Across North America, cities are putting in bikeways to a combination of fanfare and derision. The backlash in Seattle and New York and many other cities seems at times ferocious.
I understand! I’ve been there! Back in the 1990s in Portland, we were regularly castigated, as I describe in Joyride. Even today, Portland suffers painful slings and arrows. Check out this recent, brutal news story on a new bike lane in a previously under-served area of town, one that had been begging for bike lanes for many years: http://www.katu.com/news/specialreports/94053299.html. Ouch!
Some of the criticism is about the perceived lack of process. Each city should have done more to talk to local businesses and residents, suggest the blog and media reports. In New York, for example, “The administration should have done more community outreach before it started building new lanes, especially the “protected” ones, which are separated from the street with physical barriers.” (NY Daily News)
What exactly is public process? For some communities, it means one poorly-attended public meeting; in others it means years of extensive discussions. The projects we manage at Alta often entail a wide range of public outreach, from surveys to stakeholder interviews to citizen advisory committees to public meetings. In my experience, even as more intensive processes take longer, they result in a stronger end product. When we are working in cities like Santa Barbara, CA or Madison WI or Minneapolis MN, the public is highly involved, and the process seems slow, but the community is making indubitable progress.
I recently gave an overview of our transportation history in Portland to a Japanese audience. The first question: “You actually talked to residents???”
“Sure,” I replied, “all our plans are based on extensive public involvement.” For the next hour, that’s all they wanted to talk about, from the concept of neighborhood associations to ballot measures.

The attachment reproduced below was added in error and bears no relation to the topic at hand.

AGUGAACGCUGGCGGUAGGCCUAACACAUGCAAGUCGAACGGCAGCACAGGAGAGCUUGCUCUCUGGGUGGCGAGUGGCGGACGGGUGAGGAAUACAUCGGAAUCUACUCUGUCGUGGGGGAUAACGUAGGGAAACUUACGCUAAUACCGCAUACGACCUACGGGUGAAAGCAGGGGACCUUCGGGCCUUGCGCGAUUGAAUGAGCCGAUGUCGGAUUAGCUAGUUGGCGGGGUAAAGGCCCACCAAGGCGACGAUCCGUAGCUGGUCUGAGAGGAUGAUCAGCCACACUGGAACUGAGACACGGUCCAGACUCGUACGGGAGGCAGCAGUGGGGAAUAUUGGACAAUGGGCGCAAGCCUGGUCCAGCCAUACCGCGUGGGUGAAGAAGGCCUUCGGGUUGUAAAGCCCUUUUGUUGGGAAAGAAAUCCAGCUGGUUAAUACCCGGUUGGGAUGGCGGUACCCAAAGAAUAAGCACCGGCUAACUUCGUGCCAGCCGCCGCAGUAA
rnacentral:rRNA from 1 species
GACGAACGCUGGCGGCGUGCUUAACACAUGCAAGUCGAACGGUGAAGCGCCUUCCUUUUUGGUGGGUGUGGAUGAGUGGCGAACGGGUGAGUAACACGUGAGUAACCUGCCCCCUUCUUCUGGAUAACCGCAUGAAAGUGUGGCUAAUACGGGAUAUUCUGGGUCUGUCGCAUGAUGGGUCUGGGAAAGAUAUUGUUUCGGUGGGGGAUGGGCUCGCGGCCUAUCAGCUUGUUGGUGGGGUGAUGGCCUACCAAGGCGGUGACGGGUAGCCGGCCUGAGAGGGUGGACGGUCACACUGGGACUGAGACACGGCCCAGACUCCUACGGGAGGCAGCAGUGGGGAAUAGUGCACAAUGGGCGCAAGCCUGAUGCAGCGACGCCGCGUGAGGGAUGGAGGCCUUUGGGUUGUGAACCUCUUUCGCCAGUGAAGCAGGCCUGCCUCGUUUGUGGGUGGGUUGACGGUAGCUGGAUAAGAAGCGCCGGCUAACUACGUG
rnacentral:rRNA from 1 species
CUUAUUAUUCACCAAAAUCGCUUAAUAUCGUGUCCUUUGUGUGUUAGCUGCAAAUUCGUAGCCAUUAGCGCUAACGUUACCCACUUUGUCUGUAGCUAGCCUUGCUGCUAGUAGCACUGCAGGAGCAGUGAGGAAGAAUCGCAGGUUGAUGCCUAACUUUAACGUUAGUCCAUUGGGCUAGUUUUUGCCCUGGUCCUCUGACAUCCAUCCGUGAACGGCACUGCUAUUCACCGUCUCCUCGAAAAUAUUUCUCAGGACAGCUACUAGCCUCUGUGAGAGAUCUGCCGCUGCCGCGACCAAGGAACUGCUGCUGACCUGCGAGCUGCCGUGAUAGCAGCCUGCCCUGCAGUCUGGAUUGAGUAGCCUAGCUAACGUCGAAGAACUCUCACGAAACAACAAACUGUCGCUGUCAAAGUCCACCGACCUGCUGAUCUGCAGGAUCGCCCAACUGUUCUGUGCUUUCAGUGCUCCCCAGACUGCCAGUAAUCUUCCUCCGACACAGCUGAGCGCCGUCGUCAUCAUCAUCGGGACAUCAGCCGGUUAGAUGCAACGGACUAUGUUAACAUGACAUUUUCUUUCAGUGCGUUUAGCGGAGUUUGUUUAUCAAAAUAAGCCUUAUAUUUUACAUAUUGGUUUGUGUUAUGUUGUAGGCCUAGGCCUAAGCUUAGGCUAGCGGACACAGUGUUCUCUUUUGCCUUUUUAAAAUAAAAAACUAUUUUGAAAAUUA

One of the most brilliant things the City of Portland does is educate residents about transportation through a class at Portland State University. Instructors include representatives of each government agency. Students represent advocacy groups and neighborhood associations or are just interested in improving the community or perhaps have a bone to pick. This class was borne out of Cong. Earl Blumenauer’s insight (back when he was a City Councilman close to 20 years ago) that the many residents who complain about traffic issues can put their energy to better use if they know how to effect change in a constructive way. When I, as a young bike coordinator, took the class, I gained immense understanding of both the complexities of our system and ways to influence it.
And yet, no matter how literate or involved the public is, it can be very hard to get buy-in for bikeways, especially from folks that haven’t gotten on a bike since they were kids. And the best, most thoughtful and engaging public process is for naught if politicians have thin skins and/or aren’t willing to bite the bullet for change. No matter what, it’s a hard, long, challenging process to encourage the masses used to a certain way to open their minds.
The backlash isn’t just urban and it isn’t always rational. Down in Colorado, a Republican gubernatorial candidate Dan Maes (who lost badly) warned about how Denver’s bike sharing system is part of a vast U.N. plot to take over American cities. Silly? Of course, as are the myriad of fear-based objections we constantly hear: bikeways will bring crime, lower property values, facilitate bad behavior, erode privacy, reduce safety, harm wildlife, drive businesses to ruin, increase congestion, worsen air quality, and bring on the ten plagues. Part of public involvement is helping leaders move forward in response to both rational and irrational beliefs.
Stay tuned in 2011 for some tips for surviving – or preventing – the bikeway backlash. Sign up here to receive notification via our RSS feed.
How’s your community faring?